This Piece Of Earth
3 stars ***
Underbelly (Venue 61)
A COUPLE OF years ago, Ransom Productions of Belfast scored a huge Fringe hit with a storming tribute to snooker ace Hurricane Higgins, starring Richard Dormer in an award-winning performance. Now, Dormer himself has written a play, inspired by recent commemorations of the great Irish famine of the 1840’s, and by the poignant discovery – in a bog near one of Ireland’s emigration ports – of the bodies of a couple, embracing in death. For a heartbreaking 50 minutes, Dormer’s play leads us through an imagined last conversation between this couple, whom he casts as a bookish middle-aged country schoolteacher and his beautiful young wife, pregnant with their first child; and it’s certainly a dark, unrelenting experience for anyone expecting the theatrical thrills, fireworks, and bursts of comedy that made Hurricane such a success.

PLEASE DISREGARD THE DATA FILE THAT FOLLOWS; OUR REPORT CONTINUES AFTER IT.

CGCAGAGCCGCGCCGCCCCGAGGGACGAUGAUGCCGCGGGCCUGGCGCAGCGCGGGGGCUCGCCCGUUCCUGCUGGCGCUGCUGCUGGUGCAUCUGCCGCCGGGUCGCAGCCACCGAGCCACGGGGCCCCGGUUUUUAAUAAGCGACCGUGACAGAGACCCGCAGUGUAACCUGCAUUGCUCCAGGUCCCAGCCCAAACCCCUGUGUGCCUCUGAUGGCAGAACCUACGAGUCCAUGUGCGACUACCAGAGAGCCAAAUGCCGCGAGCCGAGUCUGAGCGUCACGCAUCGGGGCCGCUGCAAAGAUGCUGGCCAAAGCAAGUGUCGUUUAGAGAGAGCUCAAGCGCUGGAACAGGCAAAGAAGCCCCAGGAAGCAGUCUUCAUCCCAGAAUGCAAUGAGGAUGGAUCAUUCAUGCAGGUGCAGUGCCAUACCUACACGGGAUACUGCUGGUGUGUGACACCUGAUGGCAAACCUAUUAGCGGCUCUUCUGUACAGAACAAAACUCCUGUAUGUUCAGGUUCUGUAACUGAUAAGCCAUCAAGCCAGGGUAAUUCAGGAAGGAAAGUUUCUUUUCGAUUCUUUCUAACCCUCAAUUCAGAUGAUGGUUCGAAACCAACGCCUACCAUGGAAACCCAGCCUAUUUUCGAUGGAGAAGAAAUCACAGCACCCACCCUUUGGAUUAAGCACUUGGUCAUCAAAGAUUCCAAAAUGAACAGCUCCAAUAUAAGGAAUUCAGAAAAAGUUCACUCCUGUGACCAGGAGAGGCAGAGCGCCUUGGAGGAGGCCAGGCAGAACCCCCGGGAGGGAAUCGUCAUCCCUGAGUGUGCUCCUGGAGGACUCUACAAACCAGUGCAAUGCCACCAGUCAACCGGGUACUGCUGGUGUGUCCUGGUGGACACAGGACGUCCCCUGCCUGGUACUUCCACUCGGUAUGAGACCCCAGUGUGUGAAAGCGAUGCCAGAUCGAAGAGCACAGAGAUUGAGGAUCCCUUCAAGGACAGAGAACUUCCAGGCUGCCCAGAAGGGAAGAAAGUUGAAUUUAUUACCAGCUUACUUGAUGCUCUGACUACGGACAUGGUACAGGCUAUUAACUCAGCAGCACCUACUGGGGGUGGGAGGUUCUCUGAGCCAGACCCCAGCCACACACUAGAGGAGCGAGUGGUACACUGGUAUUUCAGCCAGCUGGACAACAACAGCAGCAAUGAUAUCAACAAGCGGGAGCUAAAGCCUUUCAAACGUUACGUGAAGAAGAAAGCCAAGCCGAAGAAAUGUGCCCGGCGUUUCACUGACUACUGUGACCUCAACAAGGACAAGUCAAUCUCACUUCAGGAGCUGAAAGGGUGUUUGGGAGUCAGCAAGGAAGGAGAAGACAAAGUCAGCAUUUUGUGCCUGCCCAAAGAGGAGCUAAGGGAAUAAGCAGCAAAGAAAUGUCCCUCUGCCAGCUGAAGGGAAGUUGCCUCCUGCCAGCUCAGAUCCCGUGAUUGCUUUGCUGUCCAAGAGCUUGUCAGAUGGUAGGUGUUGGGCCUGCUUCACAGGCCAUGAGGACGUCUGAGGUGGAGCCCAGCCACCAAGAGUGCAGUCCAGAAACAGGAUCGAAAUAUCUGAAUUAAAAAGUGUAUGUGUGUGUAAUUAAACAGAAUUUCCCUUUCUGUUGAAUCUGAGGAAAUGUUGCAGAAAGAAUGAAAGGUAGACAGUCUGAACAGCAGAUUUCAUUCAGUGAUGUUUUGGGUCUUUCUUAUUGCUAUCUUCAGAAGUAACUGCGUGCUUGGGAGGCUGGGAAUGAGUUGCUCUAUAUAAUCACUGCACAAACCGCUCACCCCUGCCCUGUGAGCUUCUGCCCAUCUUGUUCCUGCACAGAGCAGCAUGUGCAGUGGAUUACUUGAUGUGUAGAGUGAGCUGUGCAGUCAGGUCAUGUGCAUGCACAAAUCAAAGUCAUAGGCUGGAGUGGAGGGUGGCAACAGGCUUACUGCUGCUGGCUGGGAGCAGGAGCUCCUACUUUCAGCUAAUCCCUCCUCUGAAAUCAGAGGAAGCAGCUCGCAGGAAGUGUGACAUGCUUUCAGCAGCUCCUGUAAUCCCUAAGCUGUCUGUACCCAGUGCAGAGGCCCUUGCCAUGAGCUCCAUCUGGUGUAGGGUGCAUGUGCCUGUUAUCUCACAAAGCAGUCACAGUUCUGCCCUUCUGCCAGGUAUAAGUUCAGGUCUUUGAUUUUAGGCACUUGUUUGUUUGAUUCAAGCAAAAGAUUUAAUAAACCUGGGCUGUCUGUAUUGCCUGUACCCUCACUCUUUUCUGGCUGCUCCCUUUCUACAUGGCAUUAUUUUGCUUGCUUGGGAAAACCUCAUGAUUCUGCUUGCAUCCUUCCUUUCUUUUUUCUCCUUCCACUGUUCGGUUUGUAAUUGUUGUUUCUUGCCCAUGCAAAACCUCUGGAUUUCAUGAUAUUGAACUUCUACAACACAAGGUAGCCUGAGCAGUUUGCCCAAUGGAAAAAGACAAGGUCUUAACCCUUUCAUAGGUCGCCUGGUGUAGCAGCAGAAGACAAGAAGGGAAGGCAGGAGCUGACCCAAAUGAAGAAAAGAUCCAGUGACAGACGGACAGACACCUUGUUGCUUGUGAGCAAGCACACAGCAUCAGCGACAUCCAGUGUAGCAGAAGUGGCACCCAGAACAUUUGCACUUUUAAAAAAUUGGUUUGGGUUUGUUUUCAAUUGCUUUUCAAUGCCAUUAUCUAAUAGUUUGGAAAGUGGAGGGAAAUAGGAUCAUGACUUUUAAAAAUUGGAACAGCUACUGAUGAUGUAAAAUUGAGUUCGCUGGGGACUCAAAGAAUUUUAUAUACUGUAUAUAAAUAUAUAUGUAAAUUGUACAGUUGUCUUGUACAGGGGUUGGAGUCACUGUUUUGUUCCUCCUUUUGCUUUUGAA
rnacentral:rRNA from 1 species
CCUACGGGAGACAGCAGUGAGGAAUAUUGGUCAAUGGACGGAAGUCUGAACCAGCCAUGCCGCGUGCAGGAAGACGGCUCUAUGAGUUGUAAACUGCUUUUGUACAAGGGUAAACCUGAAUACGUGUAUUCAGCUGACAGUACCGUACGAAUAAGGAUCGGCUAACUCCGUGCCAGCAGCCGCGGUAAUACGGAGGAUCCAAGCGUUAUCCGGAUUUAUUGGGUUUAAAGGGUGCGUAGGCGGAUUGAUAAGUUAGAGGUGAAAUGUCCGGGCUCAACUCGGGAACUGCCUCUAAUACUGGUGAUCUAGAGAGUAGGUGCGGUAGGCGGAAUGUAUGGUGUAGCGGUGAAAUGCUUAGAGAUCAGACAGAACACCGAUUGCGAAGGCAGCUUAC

For connoisseurs of heartlfelt writing and fine acting, though, This Piece Of Earth is a rich experience, full of a fresh, raw sense of the absurdity of death. This couple are in the middle of their lives, full of dreams and hopes and humour and their own uniqueness; it seems absurd that a mere avoiidable shortage of food could be about to bring it all to an end. Lalor Roddy and Claire Lamont give two memorable and moving performances, in Rachel O’Riordan’s finely-paced production; and although Ireland is no longer stalked by famine, it’s worth remembering that this terrible scene of human potential needlessly snuffed out is re-enacted for real, every day, somewhere on our troubled planet.
Until 26 August